Any player/Any era: Bad News Rockies

What he did: This is slightly different than usual here. Today’s column isn’t about how one player would fare, but rather a group of them. Months ago, I wrote a post transplanting some of the best hitters in baseball history to the 1999 Colorado Rockies, proposing they could have hit .400 on that club which boasted five 30-home-run hitters and hit .288 as a team. Today, I’m going in a different direction, rounding up some hard-luck, misfit players, transplanting them all to Coors Field at the height of the Steroid Era. My theory is those circumstances could have made pretty much anyone at least a decent hitter.

The cast: I’ll temporarily depart from the usual format of “Era he might have thrived in” and “Why.” Here are my guys:

C – Mickey Tettleton: A two-time All Star, Tettleton essentially did three things. He hit home runs, he didn’t hit for much average, and he struck out. That’s going to be a common thread for this club, but there’s at least one great year in Tettleton.

1B – Tony Clark: Like a lot of the players here, Clark was something of a baseball nomad, playing for six clubs in his 15-year career. Generally, he was solid for a few years and then abysmal for one or two, before repeating the cycle. That makes him perfect for this club.

2B – Tito Fuentes: I was chatting with a new reader today, telling him how my dad and I used to have epic wiffle ball games on our front yard when I was young. My dad impersonated fearsome hitters he named Mail Murphy and Mickey Mammoth, but when he wanted a change of pace, he brought in his spray hitter, Tito Fuentes. I think it was to help me out when I was struggling. He picked the right guy in Fuentes, who hit .268 lifetime with an OPS+ of 82.

SS – Ray Oyler: I considered going with other famously inept shortstops like John Gochnaur, Don Kessinger, or Paul Popovich (who was more a second baseman) but am electing to go with a hitter so offensively challenged it earned him his own fan club with the Seattle Pilots in 1969. If we transport the lifetime .175 hitter to this club, he’d have a good year, at least by his standards.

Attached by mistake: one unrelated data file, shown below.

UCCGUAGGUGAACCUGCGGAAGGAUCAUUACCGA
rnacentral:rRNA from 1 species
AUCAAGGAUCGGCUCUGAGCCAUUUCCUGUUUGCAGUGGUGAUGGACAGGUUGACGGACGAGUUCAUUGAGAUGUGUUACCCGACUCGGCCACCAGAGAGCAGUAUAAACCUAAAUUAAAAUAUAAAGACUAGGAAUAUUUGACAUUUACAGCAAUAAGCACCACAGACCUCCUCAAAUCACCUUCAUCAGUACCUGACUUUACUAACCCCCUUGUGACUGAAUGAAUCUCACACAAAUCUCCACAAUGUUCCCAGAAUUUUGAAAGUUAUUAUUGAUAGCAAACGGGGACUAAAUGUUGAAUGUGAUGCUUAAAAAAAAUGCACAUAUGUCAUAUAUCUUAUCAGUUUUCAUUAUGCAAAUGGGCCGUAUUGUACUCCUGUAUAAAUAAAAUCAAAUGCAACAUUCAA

3B – Enos Cabell: Years ago, Bill James wrote about Cabell as an essentially worthless player, but he’d be one of the best contact hitters on this team.

OF – Rob Deer: For much of his career, Deer’s weight and batting average were about the same, and the only year he cracked .250 was 1988, a weak year for offense. On these Rockies, those numbers would rise, and Deer would resemble a star. He’d be Dante Bichette.

OF – Dave Kingman: Like Deer and Tettleton, Kingman homered and struck out aggressively without much of a batting average, and like Clark, he made his way around the bigs. But in 1979, already five teams deep in his 16-year career, he hit 48 home runs with a decidedly un-Kingman-like .288 batting average. Playing that season on these Rockies, he might have MVP-caliber numbers.

OF – Jesus Alou: I recently saw a blog listing Alou as one of the 20 worst baseball players ever, primarily on the strength of his career OPS+ of 86 and puny WARP3 scores. That seems a little harsh. Alou had one of his best seasons in 1967, a dark year for hitters. On the ’99 Rockies, that year is gold.

The numbers: I’ll offer two charts, the first with each player and an actual season they played.

Tettleton 1992 157 525 82 125 25 0 32 83 122 137 .238 .379 .469
Clark 2001 126 428 67 123 29 3 16 75 62 108 .287 .374 .481
Fuentes 1971 152 630 63 172 28 6 4 52 18 46 .273 .299 .356
Cabell 1978 162 660 92 195 31 8 7 71 22 80 .295 .321 .398
Oyler 1967 148 364 33 76 14 2 1 29 37 91 .207 .281 .264
Kingman 1979 145 532 97 153 19 5 48 115 45 131 .288 .343 .613
Deer 1988 135 492 71 124 24 0 23 85 51 153 .252 .328 .441
Alou 1967 129 510 55 149 15 4 5 30 14 39 .292 .316 .367

And, with the help of the stat converter on, here is how these players’ numbers project for the ’99 Rockies.

Tettleton 157 571 126 171 34 0 44 128 167 137 .299 .455 .590
Clark 126 463 101 158 37 4 20 112 80 108 .341 .435 .568
Fuentes 152 691 104 233 38 8 5 86 24 46 .337 .366 .437
Cabell 162 729 158 264 42 11 10 122 30 80 .362 .390 .491
Oyler 148 397 56 106 20 2 1 48 51 91 .267 .351 .335
Kingman 145 564 132 185 24 6 58 157 55 131 .328 .388 .700
Deer 130 536 109 168 33 0 31 132 69 153 .313 .398 .549
Alou 129 556 91 195 20 5 6 51 19 39 .351 .378 .437

Of course, I have no idea how this team would do defensively, and I’m guessing there wouldn’t be much pitching. A 6.01 team ERA helped sink the ’99 Rockies. Beats me how to overcome that on this team in this era. Short of bringing in Lefty Grove or Sandy Koufax, these Rockies would have to get it done at the plate, and even Grove or Koufax might struggle here.

Any player/Any era is a Thursday feature here that looks at how a player might have done in an era besides his own.